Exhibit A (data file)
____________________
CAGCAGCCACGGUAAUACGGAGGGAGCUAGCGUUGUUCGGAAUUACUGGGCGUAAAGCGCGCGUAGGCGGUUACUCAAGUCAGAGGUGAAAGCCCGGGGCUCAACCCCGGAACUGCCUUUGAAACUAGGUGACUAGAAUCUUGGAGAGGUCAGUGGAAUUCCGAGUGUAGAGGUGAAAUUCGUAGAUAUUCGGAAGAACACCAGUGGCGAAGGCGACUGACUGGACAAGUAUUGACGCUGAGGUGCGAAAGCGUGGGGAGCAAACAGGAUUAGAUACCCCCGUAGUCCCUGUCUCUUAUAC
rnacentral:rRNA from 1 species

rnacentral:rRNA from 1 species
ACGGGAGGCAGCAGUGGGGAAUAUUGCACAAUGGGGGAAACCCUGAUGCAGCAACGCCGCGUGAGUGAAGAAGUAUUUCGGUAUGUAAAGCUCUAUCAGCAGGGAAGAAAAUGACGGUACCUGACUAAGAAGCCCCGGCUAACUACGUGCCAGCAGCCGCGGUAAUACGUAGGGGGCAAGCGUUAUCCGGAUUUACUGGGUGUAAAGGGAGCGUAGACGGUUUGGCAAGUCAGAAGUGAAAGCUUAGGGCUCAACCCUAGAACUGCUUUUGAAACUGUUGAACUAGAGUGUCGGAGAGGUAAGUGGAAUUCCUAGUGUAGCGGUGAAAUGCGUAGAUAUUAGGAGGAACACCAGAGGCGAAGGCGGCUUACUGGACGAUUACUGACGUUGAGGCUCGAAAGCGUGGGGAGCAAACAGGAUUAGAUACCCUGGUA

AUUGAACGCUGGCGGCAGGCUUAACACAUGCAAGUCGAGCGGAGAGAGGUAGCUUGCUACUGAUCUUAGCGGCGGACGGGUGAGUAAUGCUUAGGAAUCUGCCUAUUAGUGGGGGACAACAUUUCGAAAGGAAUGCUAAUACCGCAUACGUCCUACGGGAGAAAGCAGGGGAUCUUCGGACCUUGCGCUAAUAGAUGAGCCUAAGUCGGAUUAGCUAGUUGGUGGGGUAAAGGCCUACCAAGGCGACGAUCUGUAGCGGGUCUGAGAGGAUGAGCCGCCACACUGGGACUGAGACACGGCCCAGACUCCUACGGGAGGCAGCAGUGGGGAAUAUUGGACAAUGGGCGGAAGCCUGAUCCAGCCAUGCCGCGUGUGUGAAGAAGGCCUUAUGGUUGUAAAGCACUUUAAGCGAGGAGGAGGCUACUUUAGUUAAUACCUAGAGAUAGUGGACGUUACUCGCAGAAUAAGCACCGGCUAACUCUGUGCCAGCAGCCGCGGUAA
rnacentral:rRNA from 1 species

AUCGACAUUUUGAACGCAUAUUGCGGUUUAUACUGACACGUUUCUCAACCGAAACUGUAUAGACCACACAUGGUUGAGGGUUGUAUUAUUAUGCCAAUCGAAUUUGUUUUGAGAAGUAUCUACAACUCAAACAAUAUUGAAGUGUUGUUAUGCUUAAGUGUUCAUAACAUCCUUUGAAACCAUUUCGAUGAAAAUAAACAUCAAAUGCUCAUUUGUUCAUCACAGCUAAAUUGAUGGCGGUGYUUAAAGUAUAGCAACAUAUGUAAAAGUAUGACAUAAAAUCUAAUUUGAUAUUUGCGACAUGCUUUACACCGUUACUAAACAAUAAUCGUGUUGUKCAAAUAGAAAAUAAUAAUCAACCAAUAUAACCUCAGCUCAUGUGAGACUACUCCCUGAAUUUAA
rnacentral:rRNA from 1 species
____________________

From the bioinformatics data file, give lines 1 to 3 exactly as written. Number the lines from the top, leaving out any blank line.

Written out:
CAGCAGCCACGGUAAUACGGAGGGAGCUAGCGUUGUUCGGAAUUACUGGGCGUAAAGCGCGCGUAGGCGGUUACUCAAGUCAGAGGUGAAAGCCCGGGGCUCAACCCCGGAACUGCCUUUGAAACUAGGUGACUAGAAUCUUGGAGAGGUCAGUGGAAUUCCGAGUGUAGAGGUGAAAUUCGUAGAUAUUCGGAAGAACACCAGUGGCGAAGGCGACUGACUGGACAAGUAUUGACGCUGAGGUGCGAAAGCGUGGGGAGCAAACAGGAUUAGAUACCCCCGUAGUCCCUGUCUCUUAUAC
rnacentral:rRNA from 1 species

rnacentral:rRNA from 1 species